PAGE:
Happy Days was a wonderful, wonderful experience and I would not have traded it for the world.
The thing about hearing loss is that no one can see it. Most people are so impatient; they just assume that the person with hearing loss is being rude, or slow-witted.
Prague is the Paris of the '90s.
But if you don't watch me, I will try and sneak in some humor. I see humor everywhere in life around me.
Hearing loss very often is such a gradual phenomenon that the person is in denial. You really have to be patient with them in getting them to come forward to get help.
I learned a great deal doing Brooklyn Bridge. I was able to take a giant step into the terrible reality that was then. We saw the cattle cars that took folks away. Just knowing it was real, it would be impossible not to feel.
The great classics that, as a professional you don't get to do, you do as a student, when you don't know any better.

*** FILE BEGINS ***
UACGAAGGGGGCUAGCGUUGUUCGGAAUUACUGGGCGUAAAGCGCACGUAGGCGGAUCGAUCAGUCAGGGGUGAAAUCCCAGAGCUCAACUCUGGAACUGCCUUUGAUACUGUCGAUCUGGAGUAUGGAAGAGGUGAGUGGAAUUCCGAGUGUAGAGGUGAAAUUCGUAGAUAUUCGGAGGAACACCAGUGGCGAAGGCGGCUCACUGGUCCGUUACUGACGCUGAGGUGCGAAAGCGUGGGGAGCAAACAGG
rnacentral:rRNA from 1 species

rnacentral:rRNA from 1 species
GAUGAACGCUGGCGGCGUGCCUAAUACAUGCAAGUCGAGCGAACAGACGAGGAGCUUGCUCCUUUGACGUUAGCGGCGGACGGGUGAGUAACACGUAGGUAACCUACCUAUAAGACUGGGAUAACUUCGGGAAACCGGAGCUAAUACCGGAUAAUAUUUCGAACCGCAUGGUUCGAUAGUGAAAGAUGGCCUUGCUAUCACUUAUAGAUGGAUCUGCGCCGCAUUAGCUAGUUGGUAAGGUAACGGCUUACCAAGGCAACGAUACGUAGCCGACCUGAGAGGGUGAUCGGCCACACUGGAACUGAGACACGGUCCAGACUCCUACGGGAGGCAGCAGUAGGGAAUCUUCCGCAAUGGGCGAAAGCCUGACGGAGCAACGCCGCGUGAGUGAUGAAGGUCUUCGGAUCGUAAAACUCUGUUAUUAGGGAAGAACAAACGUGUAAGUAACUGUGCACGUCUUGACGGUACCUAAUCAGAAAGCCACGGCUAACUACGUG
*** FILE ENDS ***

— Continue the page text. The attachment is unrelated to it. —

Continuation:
I have tremendous faith in theuniverse. I feel at home on this planet. Even though it's a very big world out there, I plan on walking right through the middle of it unharmed.
I have to constantly remind myself that I am communicating with a person with hearing loss.
I think in Mrs. C, I certainly played myself. A very compulsive, sweet person.
I was born not too far from Minneapolis, so it's nice to come back and visit.
Happy Days, which we did for 11 years, we did with three cameras in front of a live audience. Very special. We had a party every Friday night. The boys, Ron, Henry, they grew up on that show.
I really wanted to go onstage. Not movies. But I ended up under contract to Paramount. Now I adore film work.
Rule number one is, make sure that you face the person with hearing loss when you are speaking to them.
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